Internet Protocol

Internet Protocol / Featured Blogs

Do the IM Protocol Wars Even Matter?

Do you care any more about zillion different IM services? Do you care about the IM protocol wars that have plagued the usage of IM for the last years? Odds are that if you are an IM user like me, you probably don't. Why not? Simple... we've unified the IM services on the client side and basically stopped caring about the various services and protocols. I was reminded of this fact this morning when I received a message saying that an update was available for Adium on my Mac that solved a really annoying disconnection problem with Yahoo!Messenger. more»

New gTLDs String Theory for Bidders

The following is most of the generic Top-Level Domain (gTLD) strings applied for in the 2000 and 2003 applications. Some are two, and even one character ASCII strings. Some have since been approved, or disapproved (which of course means nothing in the 2008 round). It is a universe of 180 strings. Enjoy. more»

Introductory Remarks from Innovation '08

Here's my opening remarks from Media Access Project's Innovation '08 in Santa Clara this morning. A DVD will be available shortly. This was a lively discussion, with Google and Vuze on the case. Good morning and welcome. My name is Richard Bennett and I'm a network engineer. I've built networking products for 30 years and contributed to a dozen networking standards, including Ethernet and Wi-Fi... I'm opposed to net neutrality regulations because they foreclose some engineering options that we're going to need for the Internet to become the one true general-purpose network that links all of us to each other, connects all our devices to all our information, and makes the world a better place. Let me explain. more»

Microsoft's Contribution Was TCP/IP

There's a fascinating blog discussion going on here, here and here. The conversation is around Marc Andreessen's refusal to trash Microsoft and Bill Gates on stage. Andreessen points to the way in which the company drove the industry forward in the 1990's, and Mathew Ingram says "love them or hate them, at least Microsoft standardized the operating-system market"... more»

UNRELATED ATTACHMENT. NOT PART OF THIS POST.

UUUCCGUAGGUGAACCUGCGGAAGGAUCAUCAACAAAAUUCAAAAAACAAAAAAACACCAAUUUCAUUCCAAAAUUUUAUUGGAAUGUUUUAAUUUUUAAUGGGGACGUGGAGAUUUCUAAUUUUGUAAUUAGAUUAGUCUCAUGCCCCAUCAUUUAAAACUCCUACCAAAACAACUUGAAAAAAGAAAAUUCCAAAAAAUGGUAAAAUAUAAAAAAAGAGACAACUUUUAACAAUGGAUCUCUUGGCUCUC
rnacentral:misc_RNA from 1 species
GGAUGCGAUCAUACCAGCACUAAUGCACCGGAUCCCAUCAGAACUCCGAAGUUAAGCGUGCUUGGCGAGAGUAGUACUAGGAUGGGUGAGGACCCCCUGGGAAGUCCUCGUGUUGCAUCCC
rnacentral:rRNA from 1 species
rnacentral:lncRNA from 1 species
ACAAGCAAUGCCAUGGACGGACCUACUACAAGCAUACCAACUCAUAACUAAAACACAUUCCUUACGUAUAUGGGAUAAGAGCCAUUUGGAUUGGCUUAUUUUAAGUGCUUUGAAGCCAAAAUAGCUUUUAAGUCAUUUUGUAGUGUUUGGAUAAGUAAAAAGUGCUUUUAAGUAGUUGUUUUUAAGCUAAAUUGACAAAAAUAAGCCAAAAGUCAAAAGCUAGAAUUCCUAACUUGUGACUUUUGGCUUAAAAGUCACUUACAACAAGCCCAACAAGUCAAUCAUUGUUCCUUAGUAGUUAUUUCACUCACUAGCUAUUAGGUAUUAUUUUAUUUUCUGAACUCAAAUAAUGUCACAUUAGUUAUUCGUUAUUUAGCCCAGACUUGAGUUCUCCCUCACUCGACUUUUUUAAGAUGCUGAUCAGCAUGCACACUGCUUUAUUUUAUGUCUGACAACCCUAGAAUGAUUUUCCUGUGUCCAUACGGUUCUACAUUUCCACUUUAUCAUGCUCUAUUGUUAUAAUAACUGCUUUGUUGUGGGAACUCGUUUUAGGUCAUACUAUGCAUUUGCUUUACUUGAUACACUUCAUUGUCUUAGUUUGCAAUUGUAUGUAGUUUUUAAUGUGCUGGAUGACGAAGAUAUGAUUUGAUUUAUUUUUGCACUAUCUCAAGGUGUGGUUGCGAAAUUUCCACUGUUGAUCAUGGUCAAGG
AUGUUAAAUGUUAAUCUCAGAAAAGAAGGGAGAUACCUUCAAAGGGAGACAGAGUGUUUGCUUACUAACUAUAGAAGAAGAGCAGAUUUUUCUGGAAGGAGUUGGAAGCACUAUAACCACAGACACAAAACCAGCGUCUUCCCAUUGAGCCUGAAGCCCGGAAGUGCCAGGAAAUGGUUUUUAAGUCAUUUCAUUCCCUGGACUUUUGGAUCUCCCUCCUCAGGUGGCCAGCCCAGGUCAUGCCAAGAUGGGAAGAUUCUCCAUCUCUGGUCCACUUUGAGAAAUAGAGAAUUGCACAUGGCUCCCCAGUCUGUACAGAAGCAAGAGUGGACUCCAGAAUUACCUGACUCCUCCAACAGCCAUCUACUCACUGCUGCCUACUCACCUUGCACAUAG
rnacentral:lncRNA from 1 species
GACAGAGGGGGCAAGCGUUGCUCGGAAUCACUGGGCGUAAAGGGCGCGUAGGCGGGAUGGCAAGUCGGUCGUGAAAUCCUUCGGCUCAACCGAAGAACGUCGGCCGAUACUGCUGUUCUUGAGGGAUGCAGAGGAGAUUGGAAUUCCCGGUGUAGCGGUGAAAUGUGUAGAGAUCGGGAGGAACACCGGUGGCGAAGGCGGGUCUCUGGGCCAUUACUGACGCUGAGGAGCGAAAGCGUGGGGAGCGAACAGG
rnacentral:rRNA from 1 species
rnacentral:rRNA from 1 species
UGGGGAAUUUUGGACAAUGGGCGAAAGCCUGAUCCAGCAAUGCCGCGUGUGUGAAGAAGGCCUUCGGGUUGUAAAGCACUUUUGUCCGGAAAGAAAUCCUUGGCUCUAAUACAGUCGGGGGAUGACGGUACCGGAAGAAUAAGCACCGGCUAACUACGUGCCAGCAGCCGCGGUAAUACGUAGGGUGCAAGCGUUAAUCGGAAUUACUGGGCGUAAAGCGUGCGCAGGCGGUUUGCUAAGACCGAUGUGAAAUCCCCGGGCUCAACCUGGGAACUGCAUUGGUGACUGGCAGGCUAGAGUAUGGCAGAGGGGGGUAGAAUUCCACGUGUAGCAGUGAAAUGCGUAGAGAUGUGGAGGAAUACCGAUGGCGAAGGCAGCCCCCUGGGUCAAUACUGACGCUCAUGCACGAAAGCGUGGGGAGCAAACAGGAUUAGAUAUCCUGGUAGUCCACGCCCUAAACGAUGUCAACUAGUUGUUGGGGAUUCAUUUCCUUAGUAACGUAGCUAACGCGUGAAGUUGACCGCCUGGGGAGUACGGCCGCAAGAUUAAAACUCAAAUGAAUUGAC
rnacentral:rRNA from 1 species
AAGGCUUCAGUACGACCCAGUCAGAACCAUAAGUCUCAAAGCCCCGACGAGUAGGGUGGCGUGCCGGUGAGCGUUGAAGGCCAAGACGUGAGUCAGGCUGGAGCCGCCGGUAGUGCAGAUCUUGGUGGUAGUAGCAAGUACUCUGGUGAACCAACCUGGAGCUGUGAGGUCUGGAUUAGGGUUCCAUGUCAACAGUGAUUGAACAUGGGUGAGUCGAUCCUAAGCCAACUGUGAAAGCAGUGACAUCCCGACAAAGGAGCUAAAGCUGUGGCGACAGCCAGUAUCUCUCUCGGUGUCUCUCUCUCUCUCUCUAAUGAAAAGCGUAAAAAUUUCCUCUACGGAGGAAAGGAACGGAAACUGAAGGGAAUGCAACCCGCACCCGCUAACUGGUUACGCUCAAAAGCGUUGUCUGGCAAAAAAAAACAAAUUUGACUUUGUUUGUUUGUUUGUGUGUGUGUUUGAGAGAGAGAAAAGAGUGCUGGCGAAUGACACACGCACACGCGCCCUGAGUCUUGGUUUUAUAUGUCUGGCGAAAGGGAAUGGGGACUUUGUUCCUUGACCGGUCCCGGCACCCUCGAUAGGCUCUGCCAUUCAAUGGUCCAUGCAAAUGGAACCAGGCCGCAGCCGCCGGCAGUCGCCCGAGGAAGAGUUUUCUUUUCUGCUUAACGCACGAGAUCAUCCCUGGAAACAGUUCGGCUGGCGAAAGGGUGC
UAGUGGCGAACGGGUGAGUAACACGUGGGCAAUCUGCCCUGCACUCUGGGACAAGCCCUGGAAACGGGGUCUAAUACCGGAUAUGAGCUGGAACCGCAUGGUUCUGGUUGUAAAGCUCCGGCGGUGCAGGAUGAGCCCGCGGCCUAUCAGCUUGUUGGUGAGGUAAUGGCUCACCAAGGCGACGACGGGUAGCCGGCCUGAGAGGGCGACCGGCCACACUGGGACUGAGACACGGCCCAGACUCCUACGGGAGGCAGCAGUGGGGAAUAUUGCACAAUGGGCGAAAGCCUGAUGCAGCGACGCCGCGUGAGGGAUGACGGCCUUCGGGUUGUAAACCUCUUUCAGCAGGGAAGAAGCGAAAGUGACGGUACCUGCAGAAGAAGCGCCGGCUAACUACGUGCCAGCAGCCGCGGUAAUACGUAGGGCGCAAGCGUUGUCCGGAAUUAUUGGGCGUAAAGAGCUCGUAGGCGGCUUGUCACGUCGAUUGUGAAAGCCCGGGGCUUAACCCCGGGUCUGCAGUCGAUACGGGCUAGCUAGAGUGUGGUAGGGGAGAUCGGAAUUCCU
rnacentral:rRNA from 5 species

The End of End-to-End?

One of the major principles of the architecture of the Internet was encapsulated in a paper by Saltzer, Reed and Clark, "End-to-End Arguments in System Design". This paper, originally published in 1981, encapsulated very clearly the looming tension between the network and the application: "The function in question can completely and correctly be implemented only with the knowledge and help of the application standing at the end points of the communication system. Therefore, providing that questioned function as a feature of the communication system itself is not possible." At the time this end-to-end argument was akin to networking heresy! more»

Cisco Speaks at FOSE on IPv6 Enterprise Architecture Transition

"The world is flattening," says Dave Rubal at the FOSE Conference and Exhibition this week in Washington, DC. "The race for IT dominance is on, and it is coming west." Mr. Rubal, Cisco's Worldwide Internet Protocol version 6 (IPv6) Task Force Lead, spoke of the tremendous race in IT dominance that is occurring, stating that the "mainstay technologies at the Beijing Olympics will be IPv6-powered." IPv6 is in line to replace version 4, but Rubal hinted that China and other Far East countries may be adopting the new version faster than the United States... more»

Hot Architectural Issues for the Internet

The Internet Architecture Board's (IAB) chair, Olaf Kolkman, asked the members of the IAB to provide a statement paper each on what they believe the current most pressing issues in terms of Internet architecture are... I have thought about this for the past few days, and realised that it's hard to come up with overarching issues and even harder to come up with issues, where the IAB actually could make a difference. But I came with up with two issues. more»

IPv6 in Slovak Academic Network

The main reason for developing a new internet protocol was based on lack of address; however this was not the only reason. Unfortunately, many people think of IPv6 only as enormous address space, but there are a lot of other advantages, for example... authorizations and authentication function are implemented directly in the protocol and are mandatory... automatic configuration of network interfaces based on their physical address... protocol itself recognizes data streams which must be transmitted in real time, and the data must be processed with highest priority... more»

NIST Releases a Profile for IPv6 in the U.S. Government for Comment - Comments Due Feb. 29

The National Institute for Standards and Technology (NIST) has released a second draft of a proposed standards profile to support the implementation of IPv6 by government agencies. "NIST developed the 'profile' to help ensure that IPv6-enabled federal information systems are interoperable, secure and able to co-exist with the current IPv4 systems." ...The White House's Office of Management and Budget declared in 2005 that all federal agencies shall migrated to IPv6 by June 30, 2008... more»

The Year IPv6 Made it to Major League

May 6th 2007: ARIN board of trustees passes a resolution advising the Internet community that migration to a new version of the internet protocol, IPv6, will be necessary to allow continued growth of the internet. June 29th 2007, Puerto Rico: ICANN Board resolution states that: The Board further resolves to work with the Regional Internet Registries and other stakeholders to promote education and outreach, with the goal of supporting the future growth of the Internet by encouraging the timely deployment of IPv6. Oct 26th 2007 at the RIPE 55 meeting in Amsterdam... Nov 15th 2007: IGF meeting, Rio de Janeiro... This is but a small sample of the fast growing visibility IPv6 acquired this year, 2007. more»